I found a great new location for playing fetch. Increases in park use and various critter distractions have put a severe crimp in my favorite game. It has gotten hard to find a secluded place where I can just concentrate on the ball. That’s why the park’s maintenance yard driveway was such a find. I can’t believe we haven’t used it before.

It’s in a relatively low-traffic area and fenced in on two sides, should I entertain any thought of escape. It has enough slope to allow me to catch Heather’s throw and roll it back to her from my selected location. At the hour we walk in the late afternoon, nobody is ever working there, so we’re not going to be chased away. And for ball security, Mike can stand in front of the fence and kick away any loose throws trying to sneak through underneath it.

Delivering a strike.

Unfortunately, that’s what happened twice already. The first time, I am forced to admit, it was my fault. Mike had not yet assumed his assigned post, so when I pounced upon Heather’s hard, skipping throw, I knocked it forward and under the fence into the maintenance yard, where it continued to roll until it came to rest on the far side of the lot.  It was fenced in.

Don’t do me like that!

The next morning Heather and I walked back there, and the gate was open. At first I didn’t see my ball, but once we walked around the yard a bit I found it under a parked dump truck. I carried it home in triumph.

That’s why we decided to station Mike in front of the fence the next time. And indeed, that’s what we did when we returned there a few days later. Mike dutifully stood in front of the fence at the point of the tallest gap at the bottom, ready to block any throw that managed to get past me. With Heather throwing from the bottom of the hill, I would touch the ball before she released it and race uphill after it, often catching up to it and grasping it mid-bounce. I then turned and carried it back to Heather, dropping it neatly at her feet so we can do it again, or else pausing mid-hill, dropping the ball and letting it roll downhill to her waiting hands. When I get into a rhythm, I am world-class.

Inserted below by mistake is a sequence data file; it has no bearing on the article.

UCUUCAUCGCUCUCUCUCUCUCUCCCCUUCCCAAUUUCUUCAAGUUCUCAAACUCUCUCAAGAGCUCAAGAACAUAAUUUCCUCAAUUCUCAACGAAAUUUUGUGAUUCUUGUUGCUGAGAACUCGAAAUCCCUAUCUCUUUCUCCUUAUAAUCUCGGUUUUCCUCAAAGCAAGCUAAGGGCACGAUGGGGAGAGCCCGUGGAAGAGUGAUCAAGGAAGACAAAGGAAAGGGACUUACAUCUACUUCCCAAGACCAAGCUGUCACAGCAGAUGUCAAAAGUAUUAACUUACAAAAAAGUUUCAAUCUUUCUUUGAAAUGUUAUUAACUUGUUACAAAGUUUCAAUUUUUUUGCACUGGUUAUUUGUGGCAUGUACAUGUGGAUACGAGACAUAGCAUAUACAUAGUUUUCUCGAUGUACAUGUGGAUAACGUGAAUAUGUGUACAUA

Fenced in.

Things were going so well that Mike decided to take out his camera to document my achievements. And thus he had the camera up to his face, paying attention to my movements, when Heather’s next throw sailed past me and skittered under the fence and into the maintenance yard.

Heather and I went back again the next morning, and for a second time I managed to find it and carry it back home. I still think the maintenance driveway is a good location for fetch;  if I can only get Mike to concentrate on just one thing at a time, we’ll be fine.

The winning team.

Chloë Perfects Her Inside Game

Our heroine

It’s harder to get enough exercise in these days of quarantine. My games of fetch have been at a minimum; it’s hard to find a space without people, big dogs, little kids, runners or bikes whizzing by. Over Easter weekend, the mayor closed the park entirely. We were forced to walk along Magnolia Boulevard and around the neighborhood, and  fetch opportunities shrank  faster than Trump’s approval rating. Don’t get me started down that road.

Luckily, I  can always entice Mike into indoor playtime. Heather not so much, but Mike is easy. Whenever I get tired of sleeping, throttling Lamby in the living room or mining for crumbs on the dining room rug, I  sit in front of  Mike and make little whining noises until he succumbs and follows me into the kitchen, where he sits on the floor and tosses Wiffie at me so I can work on my inside game.  I call it “catch and release.” Catchy, eh?